The Depth of Nature

Nile Crocodiles dig the deepest (known) burrows, going up to 39 feet (12 meters) below the earth. The deepest plant roots belong to the Shepherd's tree in Africa's Kalahari Desert, which can reach 223 feet (68 meters) deep.

The fossa is the largest carnivorous mammal on Madagascar. These animals look like a mix between a cat, dog, and a mongoose, and they can reach 6 feet in length. Fossa are an excellent example of the unique animal life that has developed on Madagascar due to its long isolation from other continents and its range of biomes.

Religious Pluralism Has Ancient Roots

The Persian emperors, starting with the first emperor (ever) Cyrus, were willing and able to show reverence to local gods and participate in the religious rites necessary to solidify and maintain their rule in conquered territory. Cyrus showed deference and continued the royal rituals of Babylon's supreme god Marduk after he conquered the city in 539 BCE. Cyrus wanted his continuance of Babylonian religious rituals to be widely known and published his deference to Marduk on the famous Cyrus Cylinder. His son Cambyses publicly worshiped the Egyptian gods Apis and Re. Even the emperor who attacked Greece multiple times, Xerxes, ordered sacrifices and deference to the Greek gods after conquering various Greek cities.

None of this should be interpreted to mean that the emperors personally believed in and revered these gods. Rather, religious pluralism was good government policy!

Corn is a New World crop that was unknown throughout the rest of the world until Columbus accidentally connected Europe with the Americas. But the native words for corn did not become universal: many cultures have names for corn that reference other nation. In some African languages, the word for corn means “Egyptian grain”; in Egypt, corn is called “Syrian” or "Turkish grain”; in France, it is “Indian wheat”; and in India, corn is referred to as “wheat from Mecca.”

Ancient Greek Askos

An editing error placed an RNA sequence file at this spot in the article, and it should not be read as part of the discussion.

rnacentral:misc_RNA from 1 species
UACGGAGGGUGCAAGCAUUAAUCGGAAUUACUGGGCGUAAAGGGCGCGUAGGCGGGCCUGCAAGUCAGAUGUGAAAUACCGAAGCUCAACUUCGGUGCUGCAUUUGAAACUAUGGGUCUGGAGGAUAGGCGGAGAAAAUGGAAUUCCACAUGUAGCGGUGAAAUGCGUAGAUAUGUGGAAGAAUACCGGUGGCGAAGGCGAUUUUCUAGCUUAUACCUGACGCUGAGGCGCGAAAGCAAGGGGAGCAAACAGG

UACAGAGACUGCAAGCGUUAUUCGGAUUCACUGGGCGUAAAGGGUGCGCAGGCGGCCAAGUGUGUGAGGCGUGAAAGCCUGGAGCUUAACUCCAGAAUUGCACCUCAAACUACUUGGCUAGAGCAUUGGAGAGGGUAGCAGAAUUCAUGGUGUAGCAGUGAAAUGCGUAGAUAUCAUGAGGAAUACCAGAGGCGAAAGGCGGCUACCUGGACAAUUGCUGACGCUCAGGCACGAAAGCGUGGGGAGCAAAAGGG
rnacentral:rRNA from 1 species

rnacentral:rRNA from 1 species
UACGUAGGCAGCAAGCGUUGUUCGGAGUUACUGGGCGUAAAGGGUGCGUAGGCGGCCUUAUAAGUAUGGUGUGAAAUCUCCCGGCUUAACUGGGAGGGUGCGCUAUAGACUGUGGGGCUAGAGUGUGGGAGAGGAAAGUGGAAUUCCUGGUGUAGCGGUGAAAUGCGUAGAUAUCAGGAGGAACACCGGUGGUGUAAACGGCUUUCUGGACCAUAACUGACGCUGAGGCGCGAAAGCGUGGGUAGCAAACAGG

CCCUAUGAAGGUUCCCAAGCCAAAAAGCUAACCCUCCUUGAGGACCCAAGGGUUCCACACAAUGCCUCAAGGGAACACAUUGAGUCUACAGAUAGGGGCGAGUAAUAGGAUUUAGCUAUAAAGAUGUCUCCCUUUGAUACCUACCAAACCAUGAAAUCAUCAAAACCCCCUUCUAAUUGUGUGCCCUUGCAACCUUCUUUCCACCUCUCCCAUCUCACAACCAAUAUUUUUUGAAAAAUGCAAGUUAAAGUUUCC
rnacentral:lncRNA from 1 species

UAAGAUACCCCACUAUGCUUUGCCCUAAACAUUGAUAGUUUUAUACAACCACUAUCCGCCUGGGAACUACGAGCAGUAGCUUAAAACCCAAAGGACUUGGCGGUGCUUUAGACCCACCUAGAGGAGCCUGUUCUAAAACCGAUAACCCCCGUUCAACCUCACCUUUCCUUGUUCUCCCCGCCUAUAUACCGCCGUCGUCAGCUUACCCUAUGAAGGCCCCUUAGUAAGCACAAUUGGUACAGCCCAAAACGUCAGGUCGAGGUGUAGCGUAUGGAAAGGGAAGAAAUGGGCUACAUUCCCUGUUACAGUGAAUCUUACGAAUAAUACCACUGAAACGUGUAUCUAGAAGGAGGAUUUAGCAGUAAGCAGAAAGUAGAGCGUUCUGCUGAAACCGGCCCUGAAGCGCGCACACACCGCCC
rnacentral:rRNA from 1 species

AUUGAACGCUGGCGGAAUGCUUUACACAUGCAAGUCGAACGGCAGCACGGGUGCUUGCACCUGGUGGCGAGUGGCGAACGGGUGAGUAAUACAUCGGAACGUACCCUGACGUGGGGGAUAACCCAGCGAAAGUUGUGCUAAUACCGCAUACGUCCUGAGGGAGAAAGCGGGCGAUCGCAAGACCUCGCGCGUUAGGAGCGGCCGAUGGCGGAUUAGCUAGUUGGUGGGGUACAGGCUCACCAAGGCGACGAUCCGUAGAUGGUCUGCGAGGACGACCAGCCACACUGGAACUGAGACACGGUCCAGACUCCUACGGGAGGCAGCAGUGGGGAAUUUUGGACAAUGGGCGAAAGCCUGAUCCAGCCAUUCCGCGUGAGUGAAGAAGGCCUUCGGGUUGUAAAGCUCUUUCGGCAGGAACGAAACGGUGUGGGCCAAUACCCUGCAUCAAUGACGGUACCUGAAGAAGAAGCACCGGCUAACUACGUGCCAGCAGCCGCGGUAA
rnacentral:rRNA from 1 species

An askos is a vessel for holding oil. You can see the little golden protrusion from the neck, which is to hold the wick. This particular one has been carved from solid agate, with gold mountings. Egypt's Ptolemaic Dynasty, 100s - 1st century BCE.

The Sauropods, a dinosaur clade, were the tallest animals that ever lived. Some were more than twice the height of a giraffe. (They also include some of the largest animals to have ever lived on land.)

CT Scan Helps Re-Create Pharaoh's Final Moments

A computed tomography (CT) scan of the skull of Seqenenre Taa II, who ruled southern Egypt between 1558 and 1553 BCE, has detected additional wounds suffered by the pharaoh. An engraving discovered in Thebes records that both Seqenenre Taa II and his son, Kamose, were killed in battle against the Hyksos. They were invaders who conquered and occupied northern Egypt. The new CT scan revealed a nearly three-inch-long cut in the mummy’s forehead and cuts around the eyes and cheeks that may have been made with an ax. A stab wound at the base of his skull may have been inflicted with a spear. Fractures on the right side of the skull may have been inflicted with a dagger and a blunt object, such as an ax handle. These newly discovered wounds were filled in with embalming material.

It is unlikely that Seqenenre Taa II was hastily mummified on the battlefield, as has previously been thought, because the work done to repair the skull suggests care and consideration. Not a quick job. The recent CT scan also did not show any defensive wounds on the forearms. This is important because it increases the liklihood that Seqenenre Taa II was not killed directly in battle, but was captured, bound, and then executed.

Portrait of Emperor Marcus Aurelius

A masterful portrait, it clearly captures him as both leader and philosopher, using the artistic signals of the time. His drooping eyes and far-off gaze indicate a contemplative man. Yet his smooth, softly modeled flesh and mass of hair make clear this is a man of high importance.

  • 1
  • 2
  • 3
  • >
  • Leave us a message

    HISTORICAL NON-FICTION

    By Lillian Audette

    This blog is a collection of the interesting, the weird, and sometimes the need-to-know about history, culled from around the internet. It has pictures, it has quotes, it occasionally has my own opinions on things. If you want to know more about anything posted, follow the link at the "source" on the bottom of each post. And if you really like my work, buy me a coffee or become a patron!

    Website design and coding by the Amalgama

    About us X